NASA-funded study to research if bacteria could help form building materials on Mars

Since the 1990s, several architectures have been drafted for crewed missions to Mars, all of which have emphasized the need for keeping launch mass low.

by Matt Williams and Universe Today
Macro detail photographs of the Tinto river (Huelva, Spain), whose place has been studied by NASA be...
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NASA and the China National Space Agency (CNSA) plan to mount the first crewed missions to Mars in the next decade. These will commence with a crew launching in 2033, with follow-up missions launching every 26 months to coincide with Mars and Earth being at the closest point in their orbits. These missions will culminate with the creation of outposts that future astronauts will use, possibly leading to permanent habitats. In recent decades, NASA has conducted design studies and competitions (like the 3D-Printed Habitat Challenge) to investigate possible designs and construction methods.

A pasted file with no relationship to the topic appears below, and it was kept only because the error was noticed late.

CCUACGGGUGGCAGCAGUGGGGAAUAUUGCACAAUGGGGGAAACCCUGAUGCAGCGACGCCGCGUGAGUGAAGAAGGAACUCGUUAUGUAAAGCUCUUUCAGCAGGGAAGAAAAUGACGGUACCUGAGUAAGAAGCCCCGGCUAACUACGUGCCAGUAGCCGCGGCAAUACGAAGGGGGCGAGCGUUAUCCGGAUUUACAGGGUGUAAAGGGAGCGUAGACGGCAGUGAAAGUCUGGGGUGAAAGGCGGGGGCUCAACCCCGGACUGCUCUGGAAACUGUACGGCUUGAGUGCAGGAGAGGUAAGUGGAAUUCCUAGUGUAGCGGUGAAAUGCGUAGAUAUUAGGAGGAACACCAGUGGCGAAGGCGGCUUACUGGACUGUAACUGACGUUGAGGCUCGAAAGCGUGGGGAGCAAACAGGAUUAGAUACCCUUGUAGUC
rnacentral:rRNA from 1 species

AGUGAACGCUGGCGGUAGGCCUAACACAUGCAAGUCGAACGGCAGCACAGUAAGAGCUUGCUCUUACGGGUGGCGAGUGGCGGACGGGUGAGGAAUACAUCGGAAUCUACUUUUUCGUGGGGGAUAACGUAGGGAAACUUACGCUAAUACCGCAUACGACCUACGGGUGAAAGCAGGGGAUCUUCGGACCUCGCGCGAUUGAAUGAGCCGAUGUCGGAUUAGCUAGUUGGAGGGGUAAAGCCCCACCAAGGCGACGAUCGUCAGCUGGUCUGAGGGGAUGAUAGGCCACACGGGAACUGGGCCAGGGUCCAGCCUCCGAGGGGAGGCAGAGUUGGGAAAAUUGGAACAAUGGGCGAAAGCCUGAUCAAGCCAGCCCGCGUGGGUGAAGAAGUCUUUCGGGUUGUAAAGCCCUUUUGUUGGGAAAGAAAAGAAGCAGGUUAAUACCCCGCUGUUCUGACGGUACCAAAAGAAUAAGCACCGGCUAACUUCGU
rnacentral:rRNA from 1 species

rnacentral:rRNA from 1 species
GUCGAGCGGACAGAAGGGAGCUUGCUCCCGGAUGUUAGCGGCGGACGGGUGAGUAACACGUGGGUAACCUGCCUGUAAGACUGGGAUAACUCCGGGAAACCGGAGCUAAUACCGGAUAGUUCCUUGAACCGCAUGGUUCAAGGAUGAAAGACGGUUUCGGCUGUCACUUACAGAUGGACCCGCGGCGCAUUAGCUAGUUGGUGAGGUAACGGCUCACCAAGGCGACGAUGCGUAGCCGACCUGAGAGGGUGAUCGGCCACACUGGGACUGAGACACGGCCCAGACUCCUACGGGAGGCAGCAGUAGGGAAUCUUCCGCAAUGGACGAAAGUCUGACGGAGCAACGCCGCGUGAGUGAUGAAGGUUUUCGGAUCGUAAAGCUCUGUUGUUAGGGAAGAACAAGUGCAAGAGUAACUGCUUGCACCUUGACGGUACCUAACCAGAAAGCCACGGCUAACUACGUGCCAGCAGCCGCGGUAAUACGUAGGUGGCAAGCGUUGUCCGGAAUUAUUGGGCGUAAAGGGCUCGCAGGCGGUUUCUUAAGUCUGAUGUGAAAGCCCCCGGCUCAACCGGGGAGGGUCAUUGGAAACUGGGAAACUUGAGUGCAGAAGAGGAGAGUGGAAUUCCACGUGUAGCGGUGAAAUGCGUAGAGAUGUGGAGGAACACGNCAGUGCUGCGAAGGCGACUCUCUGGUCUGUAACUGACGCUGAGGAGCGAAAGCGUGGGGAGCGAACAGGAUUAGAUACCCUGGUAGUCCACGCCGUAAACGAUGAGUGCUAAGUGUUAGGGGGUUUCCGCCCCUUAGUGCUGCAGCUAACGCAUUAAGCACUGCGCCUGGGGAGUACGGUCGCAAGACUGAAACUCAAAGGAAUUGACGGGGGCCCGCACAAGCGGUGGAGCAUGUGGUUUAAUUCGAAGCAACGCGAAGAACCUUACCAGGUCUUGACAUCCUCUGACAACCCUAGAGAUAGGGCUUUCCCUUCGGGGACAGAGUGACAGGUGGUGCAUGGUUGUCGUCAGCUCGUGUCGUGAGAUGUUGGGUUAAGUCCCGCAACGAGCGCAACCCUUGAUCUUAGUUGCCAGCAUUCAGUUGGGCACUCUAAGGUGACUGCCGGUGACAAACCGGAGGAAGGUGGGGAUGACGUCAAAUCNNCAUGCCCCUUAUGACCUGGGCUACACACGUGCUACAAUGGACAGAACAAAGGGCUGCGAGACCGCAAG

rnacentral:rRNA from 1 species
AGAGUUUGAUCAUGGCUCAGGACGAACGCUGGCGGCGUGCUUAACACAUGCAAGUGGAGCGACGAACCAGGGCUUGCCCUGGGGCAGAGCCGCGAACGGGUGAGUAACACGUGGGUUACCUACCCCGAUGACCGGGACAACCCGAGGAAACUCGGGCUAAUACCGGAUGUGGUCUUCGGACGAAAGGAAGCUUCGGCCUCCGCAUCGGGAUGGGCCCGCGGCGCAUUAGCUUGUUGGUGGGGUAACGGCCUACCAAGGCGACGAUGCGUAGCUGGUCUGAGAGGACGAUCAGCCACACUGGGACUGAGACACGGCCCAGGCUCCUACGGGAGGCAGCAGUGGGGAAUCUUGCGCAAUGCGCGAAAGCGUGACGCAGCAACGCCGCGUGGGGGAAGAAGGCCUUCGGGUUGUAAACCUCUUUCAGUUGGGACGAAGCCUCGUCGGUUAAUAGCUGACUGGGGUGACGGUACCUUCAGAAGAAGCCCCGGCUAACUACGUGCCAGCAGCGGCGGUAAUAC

For instance, in the Mars Design Reference Architecture 5.0, NASA describes a “commuter” architecture based on a “centrally located, monolithic habitat” of lightweight inflatable habitats. However, a new proposal envisions the creation of a base using organisms that extract metals from sand and rock (a process known as biomineralization). Rather than hauling construction materials or prefabricated modules aboard a spaceship, astronauts bound for Mars could bring synthetic bacteria cultures that would allow them to grow their habitats from the Red Planet itself.